What's all the Craze About Cranberries For the Holidays? Cranberry Facts and Great Recipes.
Find out why we have cranberries on our holiday tables, and get some great recipes!
Since there's no way that we can communicate with our quadruple-great grandmothers, we'll probably never know the full reasons why that we always have cranberry sauce sitting at our tables during the holidays. But based on the facts that I've come to know about cranberries, I think I can give some very fair assumptions.
Unlike other berries that are harvested earlier in the year, cranberries are picked in the fall, between September and December. This would explain why they seem to pop up during the holiday season.
It is rumored that the cranberry was a very important part of Native American Indian culture, and they called it "ibimi" which means literally, "bitter berry." They used the berry for its medicinal properties and its lovely dark juice was used for dye. The actual fruit was mashed and mixed with venison to make pemmican, then eaten for food. It was the colonists that dubbed it "crane-berry," because of the bent stalk of the cranberry blossom which resembled that of a crane bird. Thus evolved the modern name, cranberry.
This being said, it's very likely that cranberries showed up on the very first Thanksgiving table. We could assume that the tradition originated here, and that our ancestors have passed it down to us from this time period.
Another possible reason why cranberries may show up traditionally at this time of year is because they are very high in vitamin C, which helps fight off colds and other sicknesses that are common this time of year. Our quadruple-great grandmas may have put cranberries on the table to keep her loved ones from getting sick. Then, by not knowing her reasons, our triple-greats may have mistaken it for tradition, and hereby passed it down to us.
Whatever the reason, it is a tasty tradition to keep alive. If you aren't too crazy about cranberry sauce alone, why not try one of the mouth-watering recipes below. You can still keep the cranberry sauce tradition while eating something that you actually enjoy!
Cranberry Harvest Video
- Cape Cod Cranberry Growers\' Association
Includes information on growing and harvesting cranberries, Massachusetts cranberry harvest festival, bog tours, recipes and more.
- Cranberries - Joyofbaking.com
Cranberries are used in both sweet and savory dishes.
Did You Know?
The way to tell if a cranberry is of good quality is to see if it bounces? If it bounces, you've got a great berry!
Homemade Cranberry Sauce
Cranberry Holiday Stuffing
Holiday Appetizer, Cranberry Wraps
Great Recipes Using Cranberries!
1 - 16 oz can of whole cranberry sauce, 1 - 8 oz bottle of Russian salad dressing with honey, 1 envelope of regular onion soup mix, 1 - 21/2 to 3 lb of cut up chicken, hot cooked rice (optional), fresh rosemary (optional)
In a bowl, combine cranberry sauce, salad dressing and soup mix. Rinse chicken; pat dry with paper towels. (Skin may be removed if desired). Arrange pieces in one layer in a 13 x 9 x 2 baking dish. Pour cranberry mixture over chicken pieces. Cover and chill the in the refrigerator for several hours or overnight. Bake, uncovered, in a 300° degree oven for about 1 1/2 hours, or until the chicken is fully cooked. Stir glaze and spoon over chicken. Serve on a platter with hot, cooked rice and garnish with fresh rosemary, if desired.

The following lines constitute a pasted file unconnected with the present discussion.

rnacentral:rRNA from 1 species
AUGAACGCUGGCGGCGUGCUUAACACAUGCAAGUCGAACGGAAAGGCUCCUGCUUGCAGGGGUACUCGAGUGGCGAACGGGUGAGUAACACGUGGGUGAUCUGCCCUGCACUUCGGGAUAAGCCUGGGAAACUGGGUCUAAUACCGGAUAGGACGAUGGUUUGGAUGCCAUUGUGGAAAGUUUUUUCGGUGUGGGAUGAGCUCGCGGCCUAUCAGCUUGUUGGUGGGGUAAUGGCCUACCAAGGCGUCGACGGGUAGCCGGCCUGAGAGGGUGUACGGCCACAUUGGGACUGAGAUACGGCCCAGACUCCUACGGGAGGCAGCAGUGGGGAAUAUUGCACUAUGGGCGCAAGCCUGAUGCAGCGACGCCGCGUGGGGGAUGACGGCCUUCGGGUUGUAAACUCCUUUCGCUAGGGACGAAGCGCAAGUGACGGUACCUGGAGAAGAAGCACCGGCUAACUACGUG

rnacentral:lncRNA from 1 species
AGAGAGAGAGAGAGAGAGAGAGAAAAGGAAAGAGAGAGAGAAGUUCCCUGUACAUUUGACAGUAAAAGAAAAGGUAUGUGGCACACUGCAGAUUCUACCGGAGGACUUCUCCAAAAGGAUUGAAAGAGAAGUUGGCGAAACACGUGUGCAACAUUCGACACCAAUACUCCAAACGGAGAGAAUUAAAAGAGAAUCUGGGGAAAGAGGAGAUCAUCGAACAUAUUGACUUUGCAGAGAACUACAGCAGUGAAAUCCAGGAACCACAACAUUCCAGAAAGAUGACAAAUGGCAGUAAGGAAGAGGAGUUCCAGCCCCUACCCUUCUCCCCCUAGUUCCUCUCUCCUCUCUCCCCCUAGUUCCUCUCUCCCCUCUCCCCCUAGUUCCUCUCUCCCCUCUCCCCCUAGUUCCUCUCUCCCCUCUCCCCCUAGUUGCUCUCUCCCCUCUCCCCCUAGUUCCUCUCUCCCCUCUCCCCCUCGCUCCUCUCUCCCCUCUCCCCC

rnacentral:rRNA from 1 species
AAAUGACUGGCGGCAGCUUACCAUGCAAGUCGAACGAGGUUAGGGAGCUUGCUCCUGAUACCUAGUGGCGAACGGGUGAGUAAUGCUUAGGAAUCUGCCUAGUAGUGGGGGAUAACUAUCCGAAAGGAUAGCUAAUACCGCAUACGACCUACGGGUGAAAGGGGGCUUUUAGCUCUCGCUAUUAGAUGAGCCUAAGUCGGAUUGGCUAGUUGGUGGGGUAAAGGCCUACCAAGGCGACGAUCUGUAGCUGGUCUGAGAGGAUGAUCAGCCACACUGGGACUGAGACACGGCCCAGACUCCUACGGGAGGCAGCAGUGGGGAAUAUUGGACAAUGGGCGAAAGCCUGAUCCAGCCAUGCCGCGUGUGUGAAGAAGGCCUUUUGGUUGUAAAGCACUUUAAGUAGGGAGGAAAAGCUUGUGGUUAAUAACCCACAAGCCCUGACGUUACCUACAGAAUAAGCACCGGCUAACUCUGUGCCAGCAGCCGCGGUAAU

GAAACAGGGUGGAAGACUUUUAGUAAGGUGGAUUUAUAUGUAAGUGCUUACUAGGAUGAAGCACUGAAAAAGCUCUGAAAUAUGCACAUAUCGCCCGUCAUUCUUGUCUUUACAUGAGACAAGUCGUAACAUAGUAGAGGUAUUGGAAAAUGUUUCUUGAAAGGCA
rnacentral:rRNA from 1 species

Cranberry and Cherry Salad
1 regular size can of whole cranberry sauce (stir up), 1 large box of raspberry Jello, 1 cup of hot water, 1 large can of drained crushed pinapple (save juice to use later), 1 - 21 oz can of prepared cherry pie filling, 1 cup of chopped nuts
Boil water and stir in Jello. Add saved pineapple juice. Stir in the whole cranberry sauce. Stir in pie filling. Lastly, stir in pineapple and nuts. Pour into a 9 x 13 baking dish. Refrigerate at least 24 hours before serving.
Cranberry Nut Bread
1 cup of chopped nuts, 1/4 cup of sugar, 1 cup of cranberries. Mix and set aside.
1 cup of sugar, 4 1/2 tsp. of baking powder, 3 cups of flour, 1 tsp. of salt. Sift together.
3 Tbs. of grated orange rind. Add to flour mixture.
1 cup of milk, 1 slightly beaten egg, 3 Tbs. of melted butter, 1/2 cup of walnuts or pecans. Blend into flour mixture.
Fold cranberry mixture into flour mixture. Pour into a greased 9 x 5 x 2 3/4 loaf pan. Bake at 350° for 60 minutes.
Cranberry Pecan Muffins
3 cups of sifted flour, 2 tsp. of grated lemon rind, 4 1/2 tsp. of baking powder, 2 eggs, 1/2 tsp. of salt, 1 cup of milk, 1 1/4 cup of sugar, 1 1/2 cups of chopped cranberries, 1/2 cup of butter flavored shortening, 1 cup of chopped pecans
Combine cranberries and 1/4 cup of the sugar and set aside. Sift dry ingredients, and cut in shortening. Stir in nuts and lemon rind. Beat eggs until light, add milk, then add to flour mixture. Mix just until moist. Fold in cranberry mixture, and fill greased muffin tins 2/3 full. Bake at 400° for about 20 minutes. Makes 2 1/2 dozen muffins.
Find More Articles and Recipes on Cranberries by the Authors Here at Hubpages!
- Growing Cranberries
Most home gardeners don't think about growing cranberries in their home gardens but it can be done. The cranberry grows naturally only on the continent of North America.
- The health benefits of cranberry juice
- Cranberries History and Recipes
- Cranberry Preserves and Jam With Liquid Pectin - A Great Homemade Gift
Jams, jellies, and preserves make great gifts. Here are two delicious cranberry recipes to make at home. Cranberry preserves and cranberry holiday jam are delicious, simple to make and make great gifts.